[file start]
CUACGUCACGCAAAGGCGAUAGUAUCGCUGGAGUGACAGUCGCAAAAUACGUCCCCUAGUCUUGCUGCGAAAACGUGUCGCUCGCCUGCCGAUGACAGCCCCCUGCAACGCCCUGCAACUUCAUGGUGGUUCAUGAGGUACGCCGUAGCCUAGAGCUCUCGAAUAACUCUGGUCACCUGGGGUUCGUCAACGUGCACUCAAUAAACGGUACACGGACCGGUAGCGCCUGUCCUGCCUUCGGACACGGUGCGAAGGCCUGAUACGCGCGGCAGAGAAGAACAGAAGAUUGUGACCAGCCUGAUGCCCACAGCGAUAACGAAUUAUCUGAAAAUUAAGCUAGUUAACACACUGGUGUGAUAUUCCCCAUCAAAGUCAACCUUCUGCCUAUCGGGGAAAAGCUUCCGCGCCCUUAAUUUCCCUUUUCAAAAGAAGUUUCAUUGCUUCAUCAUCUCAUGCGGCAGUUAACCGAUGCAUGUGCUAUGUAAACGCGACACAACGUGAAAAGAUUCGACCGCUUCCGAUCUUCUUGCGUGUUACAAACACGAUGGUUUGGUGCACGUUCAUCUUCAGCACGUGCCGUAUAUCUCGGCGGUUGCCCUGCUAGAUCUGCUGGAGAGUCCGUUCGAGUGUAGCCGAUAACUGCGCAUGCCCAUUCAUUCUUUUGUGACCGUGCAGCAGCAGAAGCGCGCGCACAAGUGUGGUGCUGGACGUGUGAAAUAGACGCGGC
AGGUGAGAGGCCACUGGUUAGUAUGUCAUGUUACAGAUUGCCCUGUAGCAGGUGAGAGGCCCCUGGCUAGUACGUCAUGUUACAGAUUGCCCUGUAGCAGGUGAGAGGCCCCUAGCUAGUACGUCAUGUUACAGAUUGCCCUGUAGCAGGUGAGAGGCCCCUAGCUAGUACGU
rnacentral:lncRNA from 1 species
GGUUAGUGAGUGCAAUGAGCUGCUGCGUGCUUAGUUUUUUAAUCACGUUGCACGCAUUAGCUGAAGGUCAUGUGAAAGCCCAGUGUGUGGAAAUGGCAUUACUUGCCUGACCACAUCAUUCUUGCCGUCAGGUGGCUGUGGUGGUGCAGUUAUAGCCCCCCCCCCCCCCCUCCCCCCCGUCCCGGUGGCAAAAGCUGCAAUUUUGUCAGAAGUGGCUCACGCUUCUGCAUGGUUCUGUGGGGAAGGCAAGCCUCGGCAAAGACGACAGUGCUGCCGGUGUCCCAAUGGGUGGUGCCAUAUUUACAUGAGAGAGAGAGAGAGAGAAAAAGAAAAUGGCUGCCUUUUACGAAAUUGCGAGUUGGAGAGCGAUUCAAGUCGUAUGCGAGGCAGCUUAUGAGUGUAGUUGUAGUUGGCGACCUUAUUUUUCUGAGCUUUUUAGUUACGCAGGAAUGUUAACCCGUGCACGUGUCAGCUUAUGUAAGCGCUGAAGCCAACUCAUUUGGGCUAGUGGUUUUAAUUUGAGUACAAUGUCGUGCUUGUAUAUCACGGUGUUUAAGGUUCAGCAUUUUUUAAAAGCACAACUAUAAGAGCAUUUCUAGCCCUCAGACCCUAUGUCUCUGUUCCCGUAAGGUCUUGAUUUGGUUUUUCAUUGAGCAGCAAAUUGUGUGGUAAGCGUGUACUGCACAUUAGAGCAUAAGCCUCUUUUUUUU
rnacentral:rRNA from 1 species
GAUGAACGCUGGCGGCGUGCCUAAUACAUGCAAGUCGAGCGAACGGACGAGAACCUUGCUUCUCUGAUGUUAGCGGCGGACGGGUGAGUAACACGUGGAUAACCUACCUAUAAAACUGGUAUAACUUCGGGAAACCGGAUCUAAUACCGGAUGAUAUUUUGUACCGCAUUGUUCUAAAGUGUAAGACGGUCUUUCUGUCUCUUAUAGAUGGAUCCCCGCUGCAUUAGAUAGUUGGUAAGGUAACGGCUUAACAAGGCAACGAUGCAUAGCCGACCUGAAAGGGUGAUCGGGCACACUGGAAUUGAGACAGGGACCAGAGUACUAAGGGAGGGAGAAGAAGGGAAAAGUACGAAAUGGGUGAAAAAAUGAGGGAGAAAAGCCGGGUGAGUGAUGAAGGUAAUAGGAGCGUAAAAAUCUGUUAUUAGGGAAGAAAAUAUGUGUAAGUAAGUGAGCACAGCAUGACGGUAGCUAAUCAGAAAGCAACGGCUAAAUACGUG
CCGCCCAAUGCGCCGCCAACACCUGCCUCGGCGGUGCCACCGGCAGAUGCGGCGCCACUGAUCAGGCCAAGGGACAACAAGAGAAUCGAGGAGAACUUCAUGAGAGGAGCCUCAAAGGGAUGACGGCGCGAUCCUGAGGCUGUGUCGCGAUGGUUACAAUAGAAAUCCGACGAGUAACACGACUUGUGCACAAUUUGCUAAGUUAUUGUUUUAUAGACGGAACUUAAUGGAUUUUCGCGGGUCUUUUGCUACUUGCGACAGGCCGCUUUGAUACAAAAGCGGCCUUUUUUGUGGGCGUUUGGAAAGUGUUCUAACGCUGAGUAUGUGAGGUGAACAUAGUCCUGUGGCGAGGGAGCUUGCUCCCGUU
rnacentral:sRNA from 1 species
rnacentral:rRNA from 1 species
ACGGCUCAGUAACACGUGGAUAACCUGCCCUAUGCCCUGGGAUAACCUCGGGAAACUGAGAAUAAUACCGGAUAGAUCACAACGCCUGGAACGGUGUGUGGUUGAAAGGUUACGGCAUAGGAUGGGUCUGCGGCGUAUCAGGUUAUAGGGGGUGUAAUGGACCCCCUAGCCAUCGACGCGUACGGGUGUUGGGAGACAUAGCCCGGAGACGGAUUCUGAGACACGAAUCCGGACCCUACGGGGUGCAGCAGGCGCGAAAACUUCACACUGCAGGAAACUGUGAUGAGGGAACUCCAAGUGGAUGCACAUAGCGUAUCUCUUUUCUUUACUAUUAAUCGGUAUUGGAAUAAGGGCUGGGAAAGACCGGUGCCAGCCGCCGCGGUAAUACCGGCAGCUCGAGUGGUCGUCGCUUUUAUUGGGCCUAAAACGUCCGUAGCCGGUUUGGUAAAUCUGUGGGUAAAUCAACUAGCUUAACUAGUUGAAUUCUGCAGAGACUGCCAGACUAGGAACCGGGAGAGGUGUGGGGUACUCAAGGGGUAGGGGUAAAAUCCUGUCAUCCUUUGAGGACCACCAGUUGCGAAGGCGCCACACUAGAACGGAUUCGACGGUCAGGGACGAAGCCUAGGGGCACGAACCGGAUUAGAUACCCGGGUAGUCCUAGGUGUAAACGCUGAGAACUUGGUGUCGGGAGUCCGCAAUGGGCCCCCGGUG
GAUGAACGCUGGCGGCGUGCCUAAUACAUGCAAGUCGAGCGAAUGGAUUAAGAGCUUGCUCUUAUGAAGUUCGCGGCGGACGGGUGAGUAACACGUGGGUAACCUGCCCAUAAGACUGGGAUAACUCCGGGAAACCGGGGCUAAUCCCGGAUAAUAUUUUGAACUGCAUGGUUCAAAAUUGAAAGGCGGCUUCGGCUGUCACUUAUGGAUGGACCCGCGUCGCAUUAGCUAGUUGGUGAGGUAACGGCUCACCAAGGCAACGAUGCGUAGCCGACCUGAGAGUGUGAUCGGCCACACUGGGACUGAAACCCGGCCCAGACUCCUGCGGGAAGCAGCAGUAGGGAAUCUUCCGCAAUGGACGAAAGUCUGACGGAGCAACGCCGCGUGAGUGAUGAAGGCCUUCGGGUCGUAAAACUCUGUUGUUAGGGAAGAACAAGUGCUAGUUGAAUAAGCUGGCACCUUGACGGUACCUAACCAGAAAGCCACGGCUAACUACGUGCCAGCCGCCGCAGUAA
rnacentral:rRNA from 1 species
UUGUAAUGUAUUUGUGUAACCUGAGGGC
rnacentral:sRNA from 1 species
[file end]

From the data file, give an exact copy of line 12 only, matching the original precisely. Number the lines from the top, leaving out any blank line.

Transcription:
rnacentral:rRNA from 1 species